“despite Elon Musk’s promise to establish the world’s biggest battery in South Australia… in just a few short years, Australia went from having some of the cheapest energy in the world to the most expensive.”
It ain’t coincidence. When you see SolarCity and Tesla, it spells expensive energy and huge government subsidies.
Dear Lord Government, give me subsidies and I will save the world–at-least-not-at-first.jpg

Reply to  Dr. Strangelove
August 7, 2017 8:48 am

It’s official according to the local rag and we’ve now beaten the Danes with the world’s highest power prices.
South Australia leads the world but would it be too much to ask if we’ve managed to save the planet for yo’all yet because nothing is being saved around here 🙁

August 7, 2017 7:03 am

We have a couple of generations (mine and my children’s) that have never seen a world war, rationing, or other serious privation. I suspect it is this that allows the magical thinking which states we can wean ourselves rapidly off of fossil fuels and still enjoy all the benefits of modern civilization. It is sad that we may have to do so much damage to what has brought civilization to its current state of progress before we realize our own stupidity, but perhaps that is what it will take. Generations who truely suffered would not be so foolish as to squander the bounty of so much history.

D. J. Hawkins
Reply to  andrewpattullo
August 7, 2017 10:06 am

My father’s generation went through the Depression and WWII. If a generation can have a motto, their’s would have been “Use it up, wear it out, make it do or do without.” You are right, relative comfort allows one to ignore wondering about things like “Where does my food actually come from?” Folks in OZ are likely to start considering such questions in a very serious way, but they will be only the first.

Reply to  andrewpattullo
August 7, 2017 4:39 pm

Very well stated!!!! I have lived without all the modern conveniences the vast majority of people take so for granted. You can not explain it to them, and far too many people seem determined to live through it, apparently to prove how virtuous they are. Deluded morons.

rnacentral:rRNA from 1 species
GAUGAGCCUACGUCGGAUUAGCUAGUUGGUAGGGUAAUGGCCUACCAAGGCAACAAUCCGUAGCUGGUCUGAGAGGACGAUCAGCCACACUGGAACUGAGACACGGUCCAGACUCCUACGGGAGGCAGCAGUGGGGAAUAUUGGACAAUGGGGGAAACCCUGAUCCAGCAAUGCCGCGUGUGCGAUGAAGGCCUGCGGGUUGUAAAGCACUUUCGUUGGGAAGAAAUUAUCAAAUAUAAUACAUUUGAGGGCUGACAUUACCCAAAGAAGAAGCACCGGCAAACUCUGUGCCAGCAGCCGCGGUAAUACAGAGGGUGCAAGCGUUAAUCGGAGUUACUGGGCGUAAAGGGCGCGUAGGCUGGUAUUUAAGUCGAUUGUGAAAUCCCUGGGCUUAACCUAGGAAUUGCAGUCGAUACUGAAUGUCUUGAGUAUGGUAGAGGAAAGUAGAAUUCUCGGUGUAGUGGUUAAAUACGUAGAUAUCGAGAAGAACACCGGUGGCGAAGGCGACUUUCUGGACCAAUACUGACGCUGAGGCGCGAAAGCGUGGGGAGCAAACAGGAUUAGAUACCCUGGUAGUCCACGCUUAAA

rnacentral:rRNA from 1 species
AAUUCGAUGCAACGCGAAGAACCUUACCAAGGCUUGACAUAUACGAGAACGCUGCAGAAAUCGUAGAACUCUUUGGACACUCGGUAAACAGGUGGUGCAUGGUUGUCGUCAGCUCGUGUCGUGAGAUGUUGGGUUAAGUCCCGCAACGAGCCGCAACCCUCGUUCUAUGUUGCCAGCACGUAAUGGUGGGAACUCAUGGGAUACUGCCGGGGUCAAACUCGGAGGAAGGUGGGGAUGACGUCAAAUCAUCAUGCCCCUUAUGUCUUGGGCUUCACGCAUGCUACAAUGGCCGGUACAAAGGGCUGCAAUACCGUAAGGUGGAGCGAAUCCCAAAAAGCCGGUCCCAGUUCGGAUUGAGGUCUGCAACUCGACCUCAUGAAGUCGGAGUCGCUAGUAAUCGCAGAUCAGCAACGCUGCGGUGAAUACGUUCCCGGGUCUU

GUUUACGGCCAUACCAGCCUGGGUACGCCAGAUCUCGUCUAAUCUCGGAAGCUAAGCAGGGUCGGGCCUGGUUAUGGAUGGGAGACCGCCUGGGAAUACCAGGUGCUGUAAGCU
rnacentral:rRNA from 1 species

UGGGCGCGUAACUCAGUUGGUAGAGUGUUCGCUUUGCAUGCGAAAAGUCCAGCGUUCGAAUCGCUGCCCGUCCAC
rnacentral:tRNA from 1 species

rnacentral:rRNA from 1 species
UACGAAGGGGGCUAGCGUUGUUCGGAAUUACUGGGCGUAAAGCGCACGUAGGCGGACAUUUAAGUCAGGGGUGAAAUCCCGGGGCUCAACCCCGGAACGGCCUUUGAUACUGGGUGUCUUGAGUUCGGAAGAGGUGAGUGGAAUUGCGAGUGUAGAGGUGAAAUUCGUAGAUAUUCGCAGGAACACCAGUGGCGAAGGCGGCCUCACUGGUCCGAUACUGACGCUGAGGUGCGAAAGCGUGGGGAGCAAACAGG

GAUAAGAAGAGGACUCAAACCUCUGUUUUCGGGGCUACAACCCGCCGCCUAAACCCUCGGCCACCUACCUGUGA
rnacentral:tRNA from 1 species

August 7, 2017 8:21 am

ENCOURAGE THE WARMISTS TO PUSH HARDER! The US will benefit to not interfer with the global warming narrative. As Europe and Ausraila cut their economic throats driving the cost of energy through the roof, the USA will be back in the position it was after World War II, the only place business can thrive outside. If their is a cooling trend kicking in, Europe and Austraila are screwed, and the next 20 years could be a golden age in America. Thank you Al Gore and Michael Mann. 🙂

August 7, 2017 12:39 pm

“…haven’t received anywhere enough government support…” tells me everything I need to know.

August 7, 2017 2:14 pm

Electricity operates on mathematics. Green ideology operates on unfounded feelings. A clash of “civilizations”.

August 7, 2017 5:26 pm

Here’s hoping that the voters in places like Germany and Switzerland (both of which voted to shut down their nuclear plants) will discover the magnitude of their errors while there is time to reverse the decision before all the plants are destroyed.
I predict two, or more, repeats of what happened to Gray Davis after California started having blackouts.